o secretive information-sharing programs which strengthen dangerous ties between FBI, local police agencies, and military "force protection" paramilitary intelligence/special-forces units, as well as military agencies such as NCIS and AFOSI which have been enthusiastically targeting non-military Tor users (yes, ironic, given that other arms of the vast US military octopus have played a role in the genesis and continued not-very-well-laundered financial support for Tor),

o FBI organized Shared Responsibility Committees which will bring together FBI agents, police officials, psychologists, social workers, and educators, to continuously review and determine sanctions for "troubled" schoolchildren, beginning with American high schoolers but soon to include FBI's ultimate target group, preschoolers aged 2-7 with such measures as forcible administration of psychological testing while the child is undergoing fMRI brain scans (because FBI thinks this will enable them to determine decades in advance who will be the anti-RNC demonstrators of the future).

Yes, FBI, Big Brother would be proud of your incredibly dangerous and unbelievably useless organization. No wonder you are terrified by the thought that some of Milton Friedman's loyal devotees might suggest that FBI itself should come in for a spot of rational "does it work?" examination by those public servants who have sworn to oversee federal agencies, in the public interest and in the name of sensible government.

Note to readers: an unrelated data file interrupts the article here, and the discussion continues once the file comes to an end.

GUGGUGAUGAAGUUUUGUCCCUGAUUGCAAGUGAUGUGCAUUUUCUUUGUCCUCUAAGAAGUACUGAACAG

Once again, we see the USG double standard operating in full-on deception mode: "more and more metrics for us [the government targeting the citizens], no metrics for you [citizens who wish to keep an eye on the government]."

That has to change.

FBI and USIC will oppose review, because they know very well that if they were forced to provide statistical evidence bearing on whether their agencies make sense, the answer would be crystal clear: FBI, NSA, CIA, and all the rest of the super-secret alphabet soup are far more trouble that they are worth, and are doing nothing whatever, once you examine some hard ground truth, to "keep America safe".